Discuss the various Principles of Organization.
The word “Principle” means a standard or accepted guide to action. Different writers have define the word principle in different ways. According to White, “Principle is a guide to action or a means of understanding something.” Scholars like James,D. Mooney, Luther Gullick, F.W. Taylor, Urwick and Alan C. Reiley define “principle of organisation as guidelines for planning an efficient organisational structure.”
According to Henri Fayol these principles as acknowledged truths regarded as processes on which one might rely.” According to these scholars to govern the administration, to control the work of the subordinates or to improve the structure of the organisation, there is a necessity of some principle. These principles are guidelines and important steps for running of any organisation or government. If these principles are properly followed, a sound organisation will be established.
Principles of Organization
Henry Fayol: Henry Fayol, father of the “Principles School” of management, has given fourteen principles of organisation. They are
- Division of Work.
- Authority and Responsibility.
- Unity of Command.
- Unity of Direction.
- Subordination of Individual to General Interest.
- Remuneration Centralization.
- Scalar Chain.
- Stability of Tenure.
- Esprit de corps.
Gullick and Urwick: Principles of Organisation Gullick and Urwick, while giving principles of organisation, they stressed on the structure of the organisation. Gullick enumerates ten principles of organisation. These principles are
- Division of Work on Specialization.
- Bases of Departmental Organisation.
- Coordination through Hierarchy.
- Deliberate Coordination.
- Coordination through Committees.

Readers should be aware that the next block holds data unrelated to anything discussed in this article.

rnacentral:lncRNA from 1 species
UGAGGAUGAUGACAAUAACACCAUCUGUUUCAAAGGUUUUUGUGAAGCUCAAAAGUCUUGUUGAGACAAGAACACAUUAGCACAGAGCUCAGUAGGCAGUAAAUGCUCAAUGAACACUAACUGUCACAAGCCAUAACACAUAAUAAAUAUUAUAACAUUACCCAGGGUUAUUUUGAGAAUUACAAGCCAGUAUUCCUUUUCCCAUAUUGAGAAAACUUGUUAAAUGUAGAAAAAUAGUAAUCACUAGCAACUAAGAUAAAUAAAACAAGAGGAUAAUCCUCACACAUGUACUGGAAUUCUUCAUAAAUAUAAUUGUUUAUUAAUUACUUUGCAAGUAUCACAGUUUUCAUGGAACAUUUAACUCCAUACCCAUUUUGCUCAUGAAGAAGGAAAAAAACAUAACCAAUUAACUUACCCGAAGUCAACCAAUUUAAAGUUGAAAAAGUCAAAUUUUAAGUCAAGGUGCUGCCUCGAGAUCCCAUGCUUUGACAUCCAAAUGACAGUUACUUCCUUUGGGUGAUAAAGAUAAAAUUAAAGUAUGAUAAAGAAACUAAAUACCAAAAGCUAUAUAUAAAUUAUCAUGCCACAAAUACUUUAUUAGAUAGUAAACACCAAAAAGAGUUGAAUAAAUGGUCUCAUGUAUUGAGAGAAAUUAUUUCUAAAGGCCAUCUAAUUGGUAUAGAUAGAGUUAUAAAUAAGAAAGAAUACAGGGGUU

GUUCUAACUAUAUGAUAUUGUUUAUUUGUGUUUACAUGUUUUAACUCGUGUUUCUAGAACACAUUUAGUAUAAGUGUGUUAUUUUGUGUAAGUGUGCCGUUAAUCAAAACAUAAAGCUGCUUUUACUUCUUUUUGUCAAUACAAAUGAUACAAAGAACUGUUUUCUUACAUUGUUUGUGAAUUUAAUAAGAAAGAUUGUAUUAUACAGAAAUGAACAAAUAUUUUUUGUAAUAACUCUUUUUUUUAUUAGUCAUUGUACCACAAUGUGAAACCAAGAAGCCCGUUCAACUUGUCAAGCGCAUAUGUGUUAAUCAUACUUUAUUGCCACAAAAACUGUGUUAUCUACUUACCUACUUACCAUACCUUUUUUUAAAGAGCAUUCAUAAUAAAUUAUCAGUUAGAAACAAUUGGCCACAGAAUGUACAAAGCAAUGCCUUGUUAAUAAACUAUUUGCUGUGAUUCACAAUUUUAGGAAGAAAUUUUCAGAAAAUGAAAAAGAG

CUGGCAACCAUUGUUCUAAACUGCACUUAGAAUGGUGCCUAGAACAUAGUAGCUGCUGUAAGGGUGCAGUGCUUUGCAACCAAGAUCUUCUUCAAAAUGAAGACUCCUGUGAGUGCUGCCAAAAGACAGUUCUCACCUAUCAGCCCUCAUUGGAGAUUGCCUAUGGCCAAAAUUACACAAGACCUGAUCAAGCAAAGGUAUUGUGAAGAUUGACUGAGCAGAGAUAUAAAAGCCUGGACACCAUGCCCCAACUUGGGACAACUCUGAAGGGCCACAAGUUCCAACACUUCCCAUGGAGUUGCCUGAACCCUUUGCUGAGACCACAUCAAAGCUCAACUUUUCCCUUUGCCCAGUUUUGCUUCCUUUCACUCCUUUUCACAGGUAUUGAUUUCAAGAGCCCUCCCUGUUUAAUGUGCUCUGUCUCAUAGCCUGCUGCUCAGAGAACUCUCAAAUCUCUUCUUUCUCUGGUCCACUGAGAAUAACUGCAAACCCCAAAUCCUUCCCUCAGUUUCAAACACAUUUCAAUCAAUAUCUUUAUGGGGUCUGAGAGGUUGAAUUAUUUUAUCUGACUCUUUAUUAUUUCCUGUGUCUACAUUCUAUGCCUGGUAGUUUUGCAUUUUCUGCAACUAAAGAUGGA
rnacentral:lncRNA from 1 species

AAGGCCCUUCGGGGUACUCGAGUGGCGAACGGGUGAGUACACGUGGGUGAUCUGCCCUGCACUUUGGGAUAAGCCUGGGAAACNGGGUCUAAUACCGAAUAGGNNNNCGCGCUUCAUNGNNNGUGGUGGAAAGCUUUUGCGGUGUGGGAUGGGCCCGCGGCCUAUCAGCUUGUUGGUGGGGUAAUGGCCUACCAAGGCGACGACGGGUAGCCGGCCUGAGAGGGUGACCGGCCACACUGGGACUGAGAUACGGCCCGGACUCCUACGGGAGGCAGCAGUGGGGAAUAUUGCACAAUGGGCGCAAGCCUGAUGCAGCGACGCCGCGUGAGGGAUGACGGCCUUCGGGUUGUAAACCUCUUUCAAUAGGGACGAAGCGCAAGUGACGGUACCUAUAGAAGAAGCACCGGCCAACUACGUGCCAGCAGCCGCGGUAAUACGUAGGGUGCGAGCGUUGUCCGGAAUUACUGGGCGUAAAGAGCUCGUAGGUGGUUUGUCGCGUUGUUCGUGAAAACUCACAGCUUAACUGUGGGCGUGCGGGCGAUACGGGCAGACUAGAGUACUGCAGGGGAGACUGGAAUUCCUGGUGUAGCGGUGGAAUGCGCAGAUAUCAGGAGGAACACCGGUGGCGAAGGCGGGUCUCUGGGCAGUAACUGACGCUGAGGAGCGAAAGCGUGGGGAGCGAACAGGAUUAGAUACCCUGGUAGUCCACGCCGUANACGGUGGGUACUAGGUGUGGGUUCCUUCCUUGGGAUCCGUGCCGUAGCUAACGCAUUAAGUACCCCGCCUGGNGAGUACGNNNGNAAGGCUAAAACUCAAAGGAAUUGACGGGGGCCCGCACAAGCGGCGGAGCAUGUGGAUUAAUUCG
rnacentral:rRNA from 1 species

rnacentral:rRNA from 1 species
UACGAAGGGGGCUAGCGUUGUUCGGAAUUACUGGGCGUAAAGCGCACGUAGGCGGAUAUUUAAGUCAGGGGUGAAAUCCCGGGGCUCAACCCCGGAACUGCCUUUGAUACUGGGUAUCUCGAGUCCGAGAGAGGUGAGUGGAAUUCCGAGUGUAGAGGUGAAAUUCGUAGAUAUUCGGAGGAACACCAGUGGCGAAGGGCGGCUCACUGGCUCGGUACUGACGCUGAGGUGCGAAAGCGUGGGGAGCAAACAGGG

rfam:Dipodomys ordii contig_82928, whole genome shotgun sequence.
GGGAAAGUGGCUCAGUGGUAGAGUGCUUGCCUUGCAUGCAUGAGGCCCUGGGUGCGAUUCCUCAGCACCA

- Unity of Command.
- Staff and Line.
- Span of Control.
Among these ten principles’ of administration, Gullick gave more importance to division of work. He has identified the executive functions in the word “POSDCORB” incorporating all functions detailed above. Urwick, identified eight principles of organisation:
- The principle of objective.
- The principle of correspondence .
- The principle of the span of control.
- The principle of responsibility.
- The scalar principle.
- The principle of specialization.
- The principle of coordination.
- The principle of definition.
James D. Mooney and Alan C. Reiley: Principles of Organisation Both Mooney and Alan C. Reiley have proposed four principles of organisation. They are
- Coordinating Principle.
- Scalar Principle.
- Staff and Line.
- The Functional Principles.
Critical Evaluation: The principle of organisation was criticized by various scholars. Out of them Herbert A. Simon is one. He said that these are principles as “proverbs” as for almost every principle one can find an equally plausible and acceptable contradictory principle. Although the two principles of pair will lead to exactly opposite organisational recommendation, there is nothing in the theory to indicate which is the proper one to apply.
Likewise, take the example of rule of unity of command and rule of specialization. In the rule of unity of command no subordinate shall receive orders of more than one superior but the rule of specialization that a subordinate performing a specialized task should receive orders from a superior who is himself a specialist in this field.
Another important criticism of the principle of organisation is that most of the scholars have gave more importance for designing and structuring of an efficient organisation and neglected the human element in the organisation. They have considered human is insignificant in the administration process. They have stress upon the formal organisation and neglected the informal organisational process. Thus, human relation and behavioral studies rise up.
Each and every organisation should be based on certain principle, for their proper and rational operation. These are the guidelines for running any organisational business. If these principles are properly followed, no doubt it will create a sound organisation. But these principles have developed on the basis of long administrative experiences and observations of administrators and scholars.
Some of these important principles are:
- Span of control.
- Unity of command.
- Centralization and Decentralization.
- Supervision and Control.
These principles are called as problems of management. According to M.P. Sharma, “These are the crucial problems of organisation.” However, these principles of organisation are neither rigid nor absolute. Flexibility and adaptability to .every need are in the essence of these principles.